Aldo Vacca remembered
As an obstetrics and gynaecology senior registrar in 1994 and 1995, at the Mater Hospital, Brisbane, I had the great pleasure and privilege of being trained by Dr Aldo Vacca. He was responsible for managing a very cohesive unit, where we all worked well together developing friendships that persist to this day. These were rekindled during the recent RCOG/RANZCOG meeting in Brisbane, where and when it was determined that we should honour Aldo’s legacy in a more appropriate way than the recent article (O&G Magazine Vol 17 No 1 Autumn 2015 p55).
He was not motivated by money evidenced by the old, modest car he drove. His interest was in the safe care of mothers and safe delivery of babies. His passion, enthusiasm and immense skill in performing vacuum extraction were infective. It was impossible to contemplate performing an instrumental delivery by any other method. His reputation went before him. One of his former trainees, then working in London, described Aldo conveying that vacuum delivery was an art, not simply placing the cup somewhere near the fetal occiput and pulling. She was convinced that Aldo’s epithet would be ‘it [the flexion point] is always more posterior than you think’.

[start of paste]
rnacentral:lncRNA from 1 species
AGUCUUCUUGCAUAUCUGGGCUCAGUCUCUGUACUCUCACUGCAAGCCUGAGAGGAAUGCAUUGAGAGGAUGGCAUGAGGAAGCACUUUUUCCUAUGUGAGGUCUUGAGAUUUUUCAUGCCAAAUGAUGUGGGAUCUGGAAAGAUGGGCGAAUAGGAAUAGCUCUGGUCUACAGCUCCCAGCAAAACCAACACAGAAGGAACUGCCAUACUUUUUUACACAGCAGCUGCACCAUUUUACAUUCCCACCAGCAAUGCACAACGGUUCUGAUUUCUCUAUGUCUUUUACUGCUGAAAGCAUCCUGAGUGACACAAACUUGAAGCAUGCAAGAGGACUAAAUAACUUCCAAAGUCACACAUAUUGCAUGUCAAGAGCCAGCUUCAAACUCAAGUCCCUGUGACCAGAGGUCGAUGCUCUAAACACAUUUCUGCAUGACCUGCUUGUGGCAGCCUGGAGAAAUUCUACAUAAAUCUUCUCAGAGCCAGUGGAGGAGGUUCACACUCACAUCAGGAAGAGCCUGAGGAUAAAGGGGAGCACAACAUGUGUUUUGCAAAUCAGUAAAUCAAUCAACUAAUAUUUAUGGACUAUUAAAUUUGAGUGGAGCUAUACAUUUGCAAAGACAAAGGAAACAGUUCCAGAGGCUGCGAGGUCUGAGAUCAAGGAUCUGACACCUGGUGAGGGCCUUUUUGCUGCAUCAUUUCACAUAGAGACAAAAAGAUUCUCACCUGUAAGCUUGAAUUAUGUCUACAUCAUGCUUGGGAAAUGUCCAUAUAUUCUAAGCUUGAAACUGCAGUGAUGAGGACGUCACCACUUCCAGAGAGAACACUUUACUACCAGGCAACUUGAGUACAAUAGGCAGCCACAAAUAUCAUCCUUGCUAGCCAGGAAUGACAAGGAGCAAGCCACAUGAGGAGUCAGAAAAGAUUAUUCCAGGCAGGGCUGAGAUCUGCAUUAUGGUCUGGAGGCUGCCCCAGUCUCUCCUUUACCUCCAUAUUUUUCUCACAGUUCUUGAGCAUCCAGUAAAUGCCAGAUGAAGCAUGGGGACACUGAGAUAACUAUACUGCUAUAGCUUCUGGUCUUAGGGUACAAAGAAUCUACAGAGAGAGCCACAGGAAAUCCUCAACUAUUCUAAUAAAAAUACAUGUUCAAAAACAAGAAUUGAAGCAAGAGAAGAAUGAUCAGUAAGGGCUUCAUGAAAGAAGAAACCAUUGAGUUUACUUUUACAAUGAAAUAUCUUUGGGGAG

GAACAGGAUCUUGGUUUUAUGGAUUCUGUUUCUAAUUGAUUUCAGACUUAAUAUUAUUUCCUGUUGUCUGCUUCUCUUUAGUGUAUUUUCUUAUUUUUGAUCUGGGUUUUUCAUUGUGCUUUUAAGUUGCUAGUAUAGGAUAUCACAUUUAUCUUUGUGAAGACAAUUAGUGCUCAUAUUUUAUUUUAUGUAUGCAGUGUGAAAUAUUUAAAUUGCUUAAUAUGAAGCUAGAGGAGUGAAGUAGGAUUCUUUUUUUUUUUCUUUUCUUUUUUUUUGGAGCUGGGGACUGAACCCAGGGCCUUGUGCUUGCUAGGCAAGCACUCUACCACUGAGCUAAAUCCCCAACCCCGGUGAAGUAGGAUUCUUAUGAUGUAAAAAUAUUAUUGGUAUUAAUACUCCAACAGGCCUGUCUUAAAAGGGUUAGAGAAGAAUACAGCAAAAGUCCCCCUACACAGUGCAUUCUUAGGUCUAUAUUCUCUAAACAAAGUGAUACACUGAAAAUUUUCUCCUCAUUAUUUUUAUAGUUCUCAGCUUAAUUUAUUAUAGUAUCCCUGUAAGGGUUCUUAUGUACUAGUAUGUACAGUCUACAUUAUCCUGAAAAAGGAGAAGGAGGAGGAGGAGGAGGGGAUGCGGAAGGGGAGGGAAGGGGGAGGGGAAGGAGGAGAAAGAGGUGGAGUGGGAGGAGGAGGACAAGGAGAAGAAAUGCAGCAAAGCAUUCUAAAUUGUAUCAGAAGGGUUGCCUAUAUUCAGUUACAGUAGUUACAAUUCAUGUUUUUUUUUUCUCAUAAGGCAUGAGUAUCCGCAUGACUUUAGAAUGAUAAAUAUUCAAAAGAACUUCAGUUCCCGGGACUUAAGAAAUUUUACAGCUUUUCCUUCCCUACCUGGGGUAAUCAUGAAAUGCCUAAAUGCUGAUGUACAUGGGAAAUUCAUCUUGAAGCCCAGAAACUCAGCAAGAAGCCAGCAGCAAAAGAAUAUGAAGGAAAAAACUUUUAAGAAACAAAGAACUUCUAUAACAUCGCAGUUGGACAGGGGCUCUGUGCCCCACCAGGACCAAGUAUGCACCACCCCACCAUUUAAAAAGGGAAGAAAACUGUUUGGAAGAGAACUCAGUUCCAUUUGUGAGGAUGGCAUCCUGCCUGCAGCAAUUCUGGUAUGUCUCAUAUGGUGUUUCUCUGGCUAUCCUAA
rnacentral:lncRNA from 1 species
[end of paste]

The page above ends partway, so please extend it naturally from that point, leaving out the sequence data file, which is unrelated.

He was a great role model in how to be a labour ward consultant. He was always available, his office was on the labour ward and his door was always open. Nothing went past his watchful eye. He maintained that post vacuum delivery we must always check whether the cup had been placed on the flexion point and if not what sort of application had occurred. He ensured that we always checked the application point. Following an unsuccessful vacuum delivery we were encouraged to determine the reason.
We remember his immense long-term vision for the future and his endeavours in designing his OmniCup (Kiwi cup). Several of us auditioned its use to ensure that the cup could be easily used, regardless of hand/glove size. Two decades later, the realisation of his wish that this instrument be successfully and widely available has come to fruition.
Those of us trained by him at the Mater Hospital in Brisbane recall his reaction to being presented with the cartoon of his caricature (see below).
Seeing his wife Jan and his daughter continue his legacy and his teaching is brilliant. A fundraising symposium is being held in his memory at the RCOG in London, in September 2015. This has motivated us to request RANZCOG consider something similar.